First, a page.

How to highlight your accomplishments when you don’t have any

Whenever we research how to write a resume, the advice givers always tell us to avoid just listing our “duties and responsibilities” at previous jobs – because this is a snorefest – and instead to focus on accomplishments. So, this might look something like “Increased sales by 500% in my first month” or “Improved customer service response time by 3000%” or “Was bestowed the title of Queen of the Universe by the company CEO,” or whatever.

But what to do if you don’t have any accomplishments? Not because you’re incompetent, but just because you never won employee of the month or Queen of the Universe for doing your job. You were good at it, but you always just missed out on top sales because that one woman two desks down always got top sales. And/or they don’t hand out plaques for receptionists, office managers, waiting on tables, etc. And if you don’t have access to numbers or metrics, it can be difficult to know how much you actually contributed.

Don’t give up. You still have accomplishments. You just might have to get more creative and dig a little to figure out what they are, and how to highlight them.

I came across this LinkedIn article offering some good advice, including a list of questions to ask yourself in order to figure out where you excelled. I found it potentially useful.

Start by answering these questions from the article:

What mark did you leave on this position?
What were you known for?
When you left what was the company missing?
Did you change anything that made a positive impact on the organization?
Were you promoted or given more responsibilities?
How does your work free others to do work that directly translates to added value?

You can also find the accomplishment in your day-to-day tasks and activities. For example:

Did you invite everyone out for a few birthday celebrations?
Then you “Led organization of team social events.”

Did you reorganize files and show some people what you did?
Then you “Designed and implemented improved filing system.”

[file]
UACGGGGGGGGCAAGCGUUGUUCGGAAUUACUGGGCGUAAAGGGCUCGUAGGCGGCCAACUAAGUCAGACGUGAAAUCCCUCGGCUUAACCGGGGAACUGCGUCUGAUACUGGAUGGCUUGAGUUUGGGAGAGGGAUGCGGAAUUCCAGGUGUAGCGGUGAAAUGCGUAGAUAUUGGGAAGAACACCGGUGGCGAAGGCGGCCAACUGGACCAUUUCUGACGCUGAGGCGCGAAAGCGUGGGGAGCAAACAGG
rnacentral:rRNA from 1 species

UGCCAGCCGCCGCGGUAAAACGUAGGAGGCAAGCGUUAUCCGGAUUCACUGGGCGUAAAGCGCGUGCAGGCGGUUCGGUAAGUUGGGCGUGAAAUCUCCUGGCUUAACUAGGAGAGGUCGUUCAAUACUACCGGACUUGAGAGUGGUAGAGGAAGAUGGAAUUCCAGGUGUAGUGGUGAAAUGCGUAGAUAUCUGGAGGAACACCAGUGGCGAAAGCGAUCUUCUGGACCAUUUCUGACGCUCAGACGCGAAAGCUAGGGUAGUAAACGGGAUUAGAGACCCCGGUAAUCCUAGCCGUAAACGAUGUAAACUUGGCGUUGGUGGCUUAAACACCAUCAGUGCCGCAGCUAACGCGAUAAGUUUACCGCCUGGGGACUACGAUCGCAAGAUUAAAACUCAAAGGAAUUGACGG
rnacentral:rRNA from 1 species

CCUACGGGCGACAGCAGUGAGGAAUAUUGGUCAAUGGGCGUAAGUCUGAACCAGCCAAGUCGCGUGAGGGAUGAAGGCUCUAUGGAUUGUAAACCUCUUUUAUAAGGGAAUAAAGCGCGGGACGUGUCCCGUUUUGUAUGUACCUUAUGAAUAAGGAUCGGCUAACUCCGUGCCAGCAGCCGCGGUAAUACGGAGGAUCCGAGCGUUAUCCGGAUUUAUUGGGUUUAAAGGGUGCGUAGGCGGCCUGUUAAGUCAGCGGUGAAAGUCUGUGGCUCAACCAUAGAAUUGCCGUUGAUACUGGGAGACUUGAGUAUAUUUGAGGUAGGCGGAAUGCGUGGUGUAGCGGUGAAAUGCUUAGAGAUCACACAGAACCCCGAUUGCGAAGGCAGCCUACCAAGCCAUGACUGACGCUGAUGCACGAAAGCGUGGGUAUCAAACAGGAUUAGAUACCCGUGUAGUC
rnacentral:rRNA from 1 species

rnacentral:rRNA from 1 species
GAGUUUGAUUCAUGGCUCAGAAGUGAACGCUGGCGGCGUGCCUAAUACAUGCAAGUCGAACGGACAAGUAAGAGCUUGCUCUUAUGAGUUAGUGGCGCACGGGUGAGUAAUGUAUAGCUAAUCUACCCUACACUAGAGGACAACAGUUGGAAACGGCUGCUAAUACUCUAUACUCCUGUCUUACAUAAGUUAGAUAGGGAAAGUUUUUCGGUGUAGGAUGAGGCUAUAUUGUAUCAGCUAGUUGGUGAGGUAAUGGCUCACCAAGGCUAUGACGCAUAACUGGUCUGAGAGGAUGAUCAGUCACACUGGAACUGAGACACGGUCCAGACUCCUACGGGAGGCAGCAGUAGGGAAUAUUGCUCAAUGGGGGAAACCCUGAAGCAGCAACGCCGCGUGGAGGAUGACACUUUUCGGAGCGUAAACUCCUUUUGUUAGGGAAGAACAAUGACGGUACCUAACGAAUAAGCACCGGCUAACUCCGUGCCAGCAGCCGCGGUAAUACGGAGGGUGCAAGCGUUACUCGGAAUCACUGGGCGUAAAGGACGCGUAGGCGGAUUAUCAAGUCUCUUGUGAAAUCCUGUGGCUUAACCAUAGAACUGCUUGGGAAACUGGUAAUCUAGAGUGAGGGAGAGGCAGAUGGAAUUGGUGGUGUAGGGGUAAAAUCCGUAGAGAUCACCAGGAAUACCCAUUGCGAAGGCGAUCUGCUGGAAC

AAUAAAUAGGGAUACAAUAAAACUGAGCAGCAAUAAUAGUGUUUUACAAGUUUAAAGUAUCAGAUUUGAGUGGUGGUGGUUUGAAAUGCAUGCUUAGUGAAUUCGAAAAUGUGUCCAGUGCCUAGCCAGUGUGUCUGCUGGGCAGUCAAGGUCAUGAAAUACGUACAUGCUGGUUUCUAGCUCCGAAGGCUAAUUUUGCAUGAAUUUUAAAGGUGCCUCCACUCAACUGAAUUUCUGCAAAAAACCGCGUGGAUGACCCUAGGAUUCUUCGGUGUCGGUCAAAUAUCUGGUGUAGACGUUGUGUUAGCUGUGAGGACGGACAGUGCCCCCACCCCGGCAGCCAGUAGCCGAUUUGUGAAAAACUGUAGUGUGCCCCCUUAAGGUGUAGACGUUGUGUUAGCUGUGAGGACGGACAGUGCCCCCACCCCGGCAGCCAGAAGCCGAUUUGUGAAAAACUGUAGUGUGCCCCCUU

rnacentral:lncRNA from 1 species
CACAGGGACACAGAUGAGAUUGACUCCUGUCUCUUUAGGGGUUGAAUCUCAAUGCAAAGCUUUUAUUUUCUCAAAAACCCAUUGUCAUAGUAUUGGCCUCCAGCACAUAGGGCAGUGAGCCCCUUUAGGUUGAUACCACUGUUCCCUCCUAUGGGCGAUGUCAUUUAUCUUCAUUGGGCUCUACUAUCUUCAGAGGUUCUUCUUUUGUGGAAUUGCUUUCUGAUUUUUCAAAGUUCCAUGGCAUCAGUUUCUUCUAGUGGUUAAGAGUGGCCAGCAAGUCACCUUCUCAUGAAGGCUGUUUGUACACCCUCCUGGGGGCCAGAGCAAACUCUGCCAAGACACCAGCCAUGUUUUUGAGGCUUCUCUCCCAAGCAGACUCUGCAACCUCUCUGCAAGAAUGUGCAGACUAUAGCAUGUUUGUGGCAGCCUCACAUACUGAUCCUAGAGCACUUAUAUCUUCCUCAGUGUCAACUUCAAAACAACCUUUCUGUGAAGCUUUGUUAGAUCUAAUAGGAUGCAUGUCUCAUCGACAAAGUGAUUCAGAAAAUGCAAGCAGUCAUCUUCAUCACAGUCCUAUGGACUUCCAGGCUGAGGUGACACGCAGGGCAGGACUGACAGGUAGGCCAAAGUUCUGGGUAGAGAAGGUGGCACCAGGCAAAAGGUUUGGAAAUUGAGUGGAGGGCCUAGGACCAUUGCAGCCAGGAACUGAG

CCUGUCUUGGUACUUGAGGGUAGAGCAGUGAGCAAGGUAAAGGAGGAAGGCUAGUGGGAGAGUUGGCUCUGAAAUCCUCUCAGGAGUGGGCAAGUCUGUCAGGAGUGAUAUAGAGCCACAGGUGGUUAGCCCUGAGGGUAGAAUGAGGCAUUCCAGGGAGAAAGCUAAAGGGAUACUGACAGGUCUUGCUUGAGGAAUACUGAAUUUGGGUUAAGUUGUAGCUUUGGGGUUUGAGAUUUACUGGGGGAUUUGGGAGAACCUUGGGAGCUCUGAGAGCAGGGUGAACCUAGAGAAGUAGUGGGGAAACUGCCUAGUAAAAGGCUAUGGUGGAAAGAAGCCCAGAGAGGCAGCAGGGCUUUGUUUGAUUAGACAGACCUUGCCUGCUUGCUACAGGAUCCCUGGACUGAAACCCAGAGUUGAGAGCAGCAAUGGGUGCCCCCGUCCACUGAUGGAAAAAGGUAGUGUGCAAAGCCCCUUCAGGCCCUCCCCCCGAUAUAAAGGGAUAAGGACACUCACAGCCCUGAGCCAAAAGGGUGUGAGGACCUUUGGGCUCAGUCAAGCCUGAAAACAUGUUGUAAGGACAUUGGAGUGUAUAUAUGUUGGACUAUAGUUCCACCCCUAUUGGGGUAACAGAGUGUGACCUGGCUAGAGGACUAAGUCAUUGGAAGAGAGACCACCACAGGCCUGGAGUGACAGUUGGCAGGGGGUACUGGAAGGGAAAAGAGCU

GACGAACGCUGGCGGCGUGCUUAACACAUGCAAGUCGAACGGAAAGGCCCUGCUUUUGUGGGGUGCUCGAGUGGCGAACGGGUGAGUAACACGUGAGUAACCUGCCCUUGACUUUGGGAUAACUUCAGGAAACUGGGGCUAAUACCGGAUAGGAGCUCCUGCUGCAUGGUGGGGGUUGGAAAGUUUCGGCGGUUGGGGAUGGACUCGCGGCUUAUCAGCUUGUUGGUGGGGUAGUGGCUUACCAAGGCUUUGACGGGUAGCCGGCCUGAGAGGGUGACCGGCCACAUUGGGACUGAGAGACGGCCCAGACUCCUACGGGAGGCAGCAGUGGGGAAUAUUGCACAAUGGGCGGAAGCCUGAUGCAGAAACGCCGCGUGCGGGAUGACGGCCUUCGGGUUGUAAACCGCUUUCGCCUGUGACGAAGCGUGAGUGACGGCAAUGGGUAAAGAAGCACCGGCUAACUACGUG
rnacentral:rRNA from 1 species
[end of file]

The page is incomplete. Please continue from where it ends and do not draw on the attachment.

Were you hired to oversee the installation of an IT system as part of a team that was given a $100,000 budget but only spent $90,000?
Then you “implemented and launched company IT system, saving $10,000 on the overall project.”

Do your best to quantify where you can. Instead of saying you “wrote articles for the company website,” say you “Wrote three weekly articles for the company website, increasing brand awareness and engagement and raising the organization’s online profile.”

Numbers are key to quantifying, but it doesn’t have to be a 500% sales increase. The examples regularly used in advice articles are always exaggerated for effect. It’s really hard to increase sales 500% unless you’re starting from zero. (Then it’s easy.)

But look at other numbers. How many people did you train, customers did you help, problems did you solve, articles did you publish, accounts did you manage? Look at these numbers and you might find something good.

You can also look at your employee reviews, if you kept them, and see if there is something in there that jumps out at you.

You’ll most likely discover that you actually have more accomplishments than you thought you did.

Finally, if you’re really having trouble, do your best to accomplish something in the future. If the reason you haven’t got any accomplishments is because you haven’t been going above and beyond, do that next time. Then you’ll really have something to brag about.

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